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Why Does the Stock Market Rise and Fall?

Summary:
Whenever the market falls people wonder why it’s happening. There are always lots of creative stories and they’re probably right to some degree, but the reality is that the stock market is like a mutating organism whose changing mutations have ever changing causes. We don’t really know what causes it to change each time and we can’t necessarily use past understandings to predict future changes. Still, we make up these narratives because they give us the illusion of control in an otherwise opaque world. Despite all these ebbs and flows, there is, at its core, a fundamental reason why the stock market rises and falls and this story will help you better understand how to respond to the market’s inevitable gyrations. The stock market reflects the corporate actions of its underlying

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Whenever the market falls people wonder why it’s happening. There are always lots of creative stories and they’re probably right to some degree, but the reality is that the stock market is like a mutating organism whose changing mutations have ever changing causes. We don’t really know what causes it to change each time and we can’t necessarily use past understandings to predict future changes. Still, we make up these narratives because they give us the illusion of control in an otherwise opaque world.

Despite all these ebbs and flows, there is, at its core, a fundamental reason why the stock market rises and falls and this story will help you better understand how to respond to the market’s inevitable gyrations.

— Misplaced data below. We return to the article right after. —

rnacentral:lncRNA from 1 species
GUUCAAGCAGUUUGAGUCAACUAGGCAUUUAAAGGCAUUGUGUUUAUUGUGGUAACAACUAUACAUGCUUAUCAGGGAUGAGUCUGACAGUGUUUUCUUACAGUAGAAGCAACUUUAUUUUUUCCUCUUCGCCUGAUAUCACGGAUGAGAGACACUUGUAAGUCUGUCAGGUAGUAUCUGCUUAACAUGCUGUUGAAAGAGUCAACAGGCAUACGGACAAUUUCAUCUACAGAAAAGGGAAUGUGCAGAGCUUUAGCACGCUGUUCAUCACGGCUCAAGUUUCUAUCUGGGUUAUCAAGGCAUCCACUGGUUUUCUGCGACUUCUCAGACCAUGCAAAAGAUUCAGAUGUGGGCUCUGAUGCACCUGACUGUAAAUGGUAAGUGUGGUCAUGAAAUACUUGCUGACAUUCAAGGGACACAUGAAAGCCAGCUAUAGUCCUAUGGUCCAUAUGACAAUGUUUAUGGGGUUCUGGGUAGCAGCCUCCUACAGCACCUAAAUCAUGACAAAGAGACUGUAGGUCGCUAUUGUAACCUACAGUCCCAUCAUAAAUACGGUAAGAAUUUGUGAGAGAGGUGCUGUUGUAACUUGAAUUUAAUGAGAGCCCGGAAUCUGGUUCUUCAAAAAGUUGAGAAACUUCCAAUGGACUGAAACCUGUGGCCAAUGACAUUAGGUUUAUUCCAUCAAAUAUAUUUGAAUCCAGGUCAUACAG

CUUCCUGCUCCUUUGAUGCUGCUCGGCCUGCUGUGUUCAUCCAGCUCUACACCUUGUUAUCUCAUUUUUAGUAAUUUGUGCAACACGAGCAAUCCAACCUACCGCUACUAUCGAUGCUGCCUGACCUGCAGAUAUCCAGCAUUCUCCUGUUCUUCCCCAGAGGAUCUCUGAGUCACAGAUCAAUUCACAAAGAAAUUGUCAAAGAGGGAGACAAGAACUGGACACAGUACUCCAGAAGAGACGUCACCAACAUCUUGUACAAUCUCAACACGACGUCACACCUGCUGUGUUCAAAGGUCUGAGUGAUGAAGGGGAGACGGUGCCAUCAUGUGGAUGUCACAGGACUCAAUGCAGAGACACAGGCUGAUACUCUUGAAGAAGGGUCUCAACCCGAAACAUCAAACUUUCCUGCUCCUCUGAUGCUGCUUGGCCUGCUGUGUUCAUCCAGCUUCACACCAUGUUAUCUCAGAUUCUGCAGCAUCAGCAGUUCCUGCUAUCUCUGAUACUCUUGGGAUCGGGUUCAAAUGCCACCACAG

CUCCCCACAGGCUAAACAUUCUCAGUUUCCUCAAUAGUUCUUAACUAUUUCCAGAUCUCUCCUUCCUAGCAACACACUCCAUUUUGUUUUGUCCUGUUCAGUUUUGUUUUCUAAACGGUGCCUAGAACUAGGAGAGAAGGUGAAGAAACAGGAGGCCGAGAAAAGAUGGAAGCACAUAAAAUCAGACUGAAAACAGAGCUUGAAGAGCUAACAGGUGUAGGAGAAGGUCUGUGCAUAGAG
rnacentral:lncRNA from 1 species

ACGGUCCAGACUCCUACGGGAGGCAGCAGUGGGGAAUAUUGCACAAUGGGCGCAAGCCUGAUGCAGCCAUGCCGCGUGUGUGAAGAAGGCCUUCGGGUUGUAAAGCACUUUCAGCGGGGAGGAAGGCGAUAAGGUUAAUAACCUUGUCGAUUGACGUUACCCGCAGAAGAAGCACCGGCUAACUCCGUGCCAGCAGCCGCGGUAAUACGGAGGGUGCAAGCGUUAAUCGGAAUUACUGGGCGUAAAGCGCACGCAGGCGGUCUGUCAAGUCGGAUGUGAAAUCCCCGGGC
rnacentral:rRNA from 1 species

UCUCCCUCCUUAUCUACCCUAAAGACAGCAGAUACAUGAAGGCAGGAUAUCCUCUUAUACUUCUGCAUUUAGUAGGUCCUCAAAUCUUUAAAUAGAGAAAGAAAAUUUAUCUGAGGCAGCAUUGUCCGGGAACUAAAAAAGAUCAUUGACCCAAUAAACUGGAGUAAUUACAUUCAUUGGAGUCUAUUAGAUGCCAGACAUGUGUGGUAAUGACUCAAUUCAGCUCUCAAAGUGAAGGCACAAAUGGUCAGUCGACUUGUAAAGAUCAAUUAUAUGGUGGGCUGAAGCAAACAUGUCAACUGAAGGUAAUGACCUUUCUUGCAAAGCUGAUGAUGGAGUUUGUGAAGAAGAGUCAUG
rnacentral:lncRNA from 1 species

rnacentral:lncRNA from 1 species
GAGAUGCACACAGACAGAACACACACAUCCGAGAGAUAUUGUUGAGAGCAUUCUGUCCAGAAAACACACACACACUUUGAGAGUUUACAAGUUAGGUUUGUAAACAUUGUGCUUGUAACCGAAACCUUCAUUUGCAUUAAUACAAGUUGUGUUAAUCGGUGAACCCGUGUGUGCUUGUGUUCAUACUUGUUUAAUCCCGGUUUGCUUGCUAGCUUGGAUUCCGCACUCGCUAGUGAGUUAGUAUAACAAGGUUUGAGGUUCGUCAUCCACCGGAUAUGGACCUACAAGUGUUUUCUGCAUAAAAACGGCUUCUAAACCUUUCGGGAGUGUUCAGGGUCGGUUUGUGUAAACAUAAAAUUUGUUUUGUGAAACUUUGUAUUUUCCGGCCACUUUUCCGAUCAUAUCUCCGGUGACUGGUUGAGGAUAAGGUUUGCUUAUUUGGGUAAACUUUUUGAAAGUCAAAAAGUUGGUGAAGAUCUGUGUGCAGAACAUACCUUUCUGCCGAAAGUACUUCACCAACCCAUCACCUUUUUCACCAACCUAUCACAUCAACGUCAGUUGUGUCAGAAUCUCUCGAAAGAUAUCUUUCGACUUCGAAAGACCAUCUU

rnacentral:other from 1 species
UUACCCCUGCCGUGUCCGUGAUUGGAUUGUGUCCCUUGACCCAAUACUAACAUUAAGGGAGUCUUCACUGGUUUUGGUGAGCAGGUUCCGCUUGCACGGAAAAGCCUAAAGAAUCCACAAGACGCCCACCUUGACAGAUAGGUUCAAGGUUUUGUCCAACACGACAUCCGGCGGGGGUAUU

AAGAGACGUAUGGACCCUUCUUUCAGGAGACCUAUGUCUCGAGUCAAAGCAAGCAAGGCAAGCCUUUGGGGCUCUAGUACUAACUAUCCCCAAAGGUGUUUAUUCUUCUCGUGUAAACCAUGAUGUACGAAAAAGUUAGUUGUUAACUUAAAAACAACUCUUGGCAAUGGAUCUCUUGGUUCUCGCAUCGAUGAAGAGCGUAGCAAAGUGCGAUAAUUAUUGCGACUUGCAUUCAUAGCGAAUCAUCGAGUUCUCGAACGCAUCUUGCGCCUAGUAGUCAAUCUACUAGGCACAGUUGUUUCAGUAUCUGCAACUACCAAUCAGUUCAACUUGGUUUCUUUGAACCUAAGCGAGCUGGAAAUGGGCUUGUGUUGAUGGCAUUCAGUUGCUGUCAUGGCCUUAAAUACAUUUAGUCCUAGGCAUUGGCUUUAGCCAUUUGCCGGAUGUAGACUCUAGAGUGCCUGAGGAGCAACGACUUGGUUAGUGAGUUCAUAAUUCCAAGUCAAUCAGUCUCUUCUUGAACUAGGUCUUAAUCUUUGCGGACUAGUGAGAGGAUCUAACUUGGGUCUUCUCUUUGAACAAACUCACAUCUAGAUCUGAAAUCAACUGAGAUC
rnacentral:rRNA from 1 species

The stock market reflects the corporate actions of its underlying entities. The price changes reflect the expected future cash flows that these entities will generate. So, for instance, if the stock market was comprised of one super high quality stock that paid out all of its earnings in the form of a dividend of 10% then we could reasonably expect that stock to earn 10% every year. Any price changes along the way would be due to exogenous factors, but we can reasonably predict that any annual returns that deviate too sharply from 10% are irrational since the underlying entity literally cannot pay more than 10% in cash flows per year.

Of course, that’s not how reality works, but it’s a decent starting point. In reality, stocks earn their returns from three primary sources:

1) Earnings yield (how much a corporation earns in per share profits)

2) Dividend yield (how much a corporation pays in profits per share)

3) Multiple expansion (how much someone is willing to pay per share for a dollar of earnings)

If the stock market generates 7% in earnings per share growth and 3% in dividends it is reasonable to expect that the total return of the stock market will be 10%. Interestingly, profits and dividends are fairly stable over very long periods of time. The stock market is, in effect, a lot like a super high quality long maturity bond.

Of course, we don’t really know what future profits or dividends will look like even if the past gives us some idea. We also don’t know how much multiples will ebb and flow because we can’t predict how much an irrational group of apes will pay for a future dollar of earnings. And most importantly, while it’s reasonable to expect profits and dividends to grow in the long-term we have zero idea how those cash flows will materialize in the short-term and the short-term is where most of us live our financial lives.

So, we can arrive at two relatively simple answers based on these understandings:

1) Why does the stock market rise? It rises because, in the long-term it is reasonable to expect that corporate profits, earnings per share and dividends will rise.

2) Why does the stock market fall? It falls because, in the short-term, the cash flows that corporations earn are uncertain and that leads multiples and prices to gyrate.

This is what makes the stock market so risky for most people – we have short-term liabilities that the stock market cannot reliably match. The problem is, most people want the high long-term return from #1, but don’t want the short term risk involved in #2.

The important point is, there’s no cure-all for this. The best we can do is understand the inherent mismatch between #1 and #2, allocate our assets so they don’t expose us to excessive behavioral risk from #2 and remember that only time can resolve the uncertainty of #1.

Cullen Roche
Former mail delivery boy turned multi-asset investment manager, author, Ironman & chicken farmer. Probably should have stayed with mail delivery....

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